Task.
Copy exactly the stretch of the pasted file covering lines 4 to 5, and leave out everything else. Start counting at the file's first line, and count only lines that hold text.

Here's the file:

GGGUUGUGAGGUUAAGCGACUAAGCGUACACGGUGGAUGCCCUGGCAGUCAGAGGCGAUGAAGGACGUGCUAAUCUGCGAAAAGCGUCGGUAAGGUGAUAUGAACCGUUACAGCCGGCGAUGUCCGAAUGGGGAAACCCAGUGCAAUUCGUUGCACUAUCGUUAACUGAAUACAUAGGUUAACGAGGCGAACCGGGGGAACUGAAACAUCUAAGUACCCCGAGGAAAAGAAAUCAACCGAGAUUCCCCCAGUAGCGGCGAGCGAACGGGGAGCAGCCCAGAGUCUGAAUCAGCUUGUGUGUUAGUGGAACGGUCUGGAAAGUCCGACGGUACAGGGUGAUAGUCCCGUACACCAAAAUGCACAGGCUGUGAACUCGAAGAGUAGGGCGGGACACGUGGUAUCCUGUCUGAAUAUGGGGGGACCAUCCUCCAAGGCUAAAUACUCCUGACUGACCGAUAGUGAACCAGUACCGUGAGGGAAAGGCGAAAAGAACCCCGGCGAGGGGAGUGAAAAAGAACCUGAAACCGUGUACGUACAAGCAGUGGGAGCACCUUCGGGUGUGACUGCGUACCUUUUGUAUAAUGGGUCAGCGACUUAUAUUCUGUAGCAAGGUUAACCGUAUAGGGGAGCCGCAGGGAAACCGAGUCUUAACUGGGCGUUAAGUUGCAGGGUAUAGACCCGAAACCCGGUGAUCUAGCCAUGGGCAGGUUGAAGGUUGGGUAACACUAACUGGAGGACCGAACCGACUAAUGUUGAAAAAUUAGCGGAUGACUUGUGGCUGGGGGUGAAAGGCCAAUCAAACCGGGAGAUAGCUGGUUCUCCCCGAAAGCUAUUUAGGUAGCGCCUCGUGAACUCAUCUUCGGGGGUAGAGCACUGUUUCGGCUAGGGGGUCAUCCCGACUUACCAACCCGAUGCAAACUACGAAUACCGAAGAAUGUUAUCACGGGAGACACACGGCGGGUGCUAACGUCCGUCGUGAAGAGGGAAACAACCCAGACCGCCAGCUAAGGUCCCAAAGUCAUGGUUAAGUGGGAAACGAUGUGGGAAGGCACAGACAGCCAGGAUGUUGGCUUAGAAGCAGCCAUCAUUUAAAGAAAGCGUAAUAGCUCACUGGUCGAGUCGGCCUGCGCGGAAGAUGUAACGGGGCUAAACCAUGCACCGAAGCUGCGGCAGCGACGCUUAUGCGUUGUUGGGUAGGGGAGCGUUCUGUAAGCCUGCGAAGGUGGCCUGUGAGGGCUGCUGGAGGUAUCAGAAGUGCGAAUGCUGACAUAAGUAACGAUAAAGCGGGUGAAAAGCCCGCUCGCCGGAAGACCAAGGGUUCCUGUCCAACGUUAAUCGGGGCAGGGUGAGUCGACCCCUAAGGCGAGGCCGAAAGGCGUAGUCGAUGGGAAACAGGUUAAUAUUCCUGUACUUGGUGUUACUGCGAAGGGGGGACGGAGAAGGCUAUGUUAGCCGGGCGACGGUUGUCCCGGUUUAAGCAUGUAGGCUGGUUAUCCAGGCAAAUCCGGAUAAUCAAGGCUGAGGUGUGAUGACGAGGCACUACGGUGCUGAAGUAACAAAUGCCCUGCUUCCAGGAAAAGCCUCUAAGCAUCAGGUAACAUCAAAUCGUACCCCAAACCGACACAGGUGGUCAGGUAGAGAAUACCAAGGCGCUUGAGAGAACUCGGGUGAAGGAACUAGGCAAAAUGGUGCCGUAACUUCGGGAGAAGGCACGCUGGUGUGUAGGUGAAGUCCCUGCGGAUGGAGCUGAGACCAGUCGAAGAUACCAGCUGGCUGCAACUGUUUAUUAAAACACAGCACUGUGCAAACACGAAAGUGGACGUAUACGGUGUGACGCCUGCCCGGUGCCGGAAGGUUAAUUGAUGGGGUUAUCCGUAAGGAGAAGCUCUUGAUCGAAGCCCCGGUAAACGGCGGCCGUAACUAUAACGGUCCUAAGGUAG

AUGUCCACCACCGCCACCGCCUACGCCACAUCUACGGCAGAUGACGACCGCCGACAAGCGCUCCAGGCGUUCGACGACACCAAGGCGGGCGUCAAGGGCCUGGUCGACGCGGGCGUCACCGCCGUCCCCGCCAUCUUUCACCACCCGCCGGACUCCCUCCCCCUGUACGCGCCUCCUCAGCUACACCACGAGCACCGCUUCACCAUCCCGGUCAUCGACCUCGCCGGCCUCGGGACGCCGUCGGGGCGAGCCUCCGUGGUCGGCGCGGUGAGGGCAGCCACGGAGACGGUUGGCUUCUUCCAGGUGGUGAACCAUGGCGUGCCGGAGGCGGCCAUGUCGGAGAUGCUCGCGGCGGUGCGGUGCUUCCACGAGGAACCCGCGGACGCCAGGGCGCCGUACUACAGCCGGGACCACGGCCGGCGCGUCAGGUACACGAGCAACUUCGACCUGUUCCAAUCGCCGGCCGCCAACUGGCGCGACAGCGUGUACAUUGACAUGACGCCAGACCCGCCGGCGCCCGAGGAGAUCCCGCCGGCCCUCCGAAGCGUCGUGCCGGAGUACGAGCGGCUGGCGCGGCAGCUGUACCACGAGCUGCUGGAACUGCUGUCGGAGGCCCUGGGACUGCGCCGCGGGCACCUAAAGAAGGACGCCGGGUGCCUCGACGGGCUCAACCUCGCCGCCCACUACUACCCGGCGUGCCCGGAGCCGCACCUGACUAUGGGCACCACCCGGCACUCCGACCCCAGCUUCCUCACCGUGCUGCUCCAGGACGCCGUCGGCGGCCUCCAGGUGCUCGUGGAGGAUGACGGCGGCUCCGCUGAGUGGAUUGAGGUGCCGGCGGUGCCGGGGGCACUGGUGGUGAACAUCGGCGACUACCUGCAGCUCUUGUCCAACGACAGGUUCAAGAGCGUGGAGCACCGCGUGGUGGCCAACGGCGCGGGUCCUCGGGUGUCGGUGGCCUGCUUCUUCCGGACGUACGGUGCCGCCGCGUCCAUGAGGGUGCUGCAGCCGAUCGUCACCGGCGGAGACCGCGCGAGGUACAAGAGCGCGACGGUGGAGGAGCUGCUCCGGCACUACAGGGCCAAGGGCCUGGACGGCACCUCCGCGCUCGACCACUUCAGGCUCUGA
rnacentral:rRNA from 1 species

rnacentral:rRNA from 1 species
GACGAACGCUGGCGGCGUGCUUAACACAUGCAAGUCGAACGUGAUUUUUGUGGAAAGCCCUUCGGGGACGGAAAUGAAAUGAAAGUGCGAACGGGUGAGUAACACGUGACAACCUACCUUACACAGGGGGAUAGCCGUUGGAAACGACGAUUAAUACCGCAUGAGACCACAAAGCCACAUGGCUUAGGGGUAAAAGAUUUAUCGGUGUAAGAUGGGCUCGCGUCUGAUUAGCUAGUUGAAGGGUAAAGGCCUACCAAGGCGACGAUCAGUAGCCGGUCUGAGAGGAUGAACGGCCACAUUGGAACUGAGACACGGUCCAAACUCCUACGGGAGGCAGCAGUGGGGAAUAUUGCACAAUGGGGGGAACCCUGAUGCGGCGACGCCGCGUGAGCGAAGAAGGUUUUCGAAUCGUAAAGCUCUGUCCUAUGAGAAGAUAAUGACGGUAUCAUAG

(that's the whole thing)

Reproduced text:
rnacentral:rRNA from 1 species
GACGAACGCUGGCGGCGUGCUUAACACAUGCAAGUCGAACGUGAUUUUUGUGGAAAGCCCUUCGGGGACGGAAAUGAAAUGAAAGUGCGAACGGGUGAGUAACACGUGACAACCUACCUUACACAGGGGGAUAGCCGUUGGAAACGACGAUUAAUACCGCAUGAGACCACAAAGCCACAUGGCUUAGGGGUAAAAGAUUUAUCGGUGUAAGAUGGGCUCGCGUCUGAUUAGCUAGUUGAAGGGUAAAGGCCUACCAAGGCGACGAUCAGUAGCCGGUCUGAGAGGAUGAACGGCCACAUUGGAACUGAGACACGGUCCAAACUCCUACGGGAGGCAGCAGUGGGGAAUAUUGCACAAUGGGGGGAACCCUGAUGCGGCGACGCCGCGUGAGCGAAGAAGGUUUUCGAAUCGUAAAGCUCUGUCCUAUGAGAAGAUAAUGACGGUAUCAUAG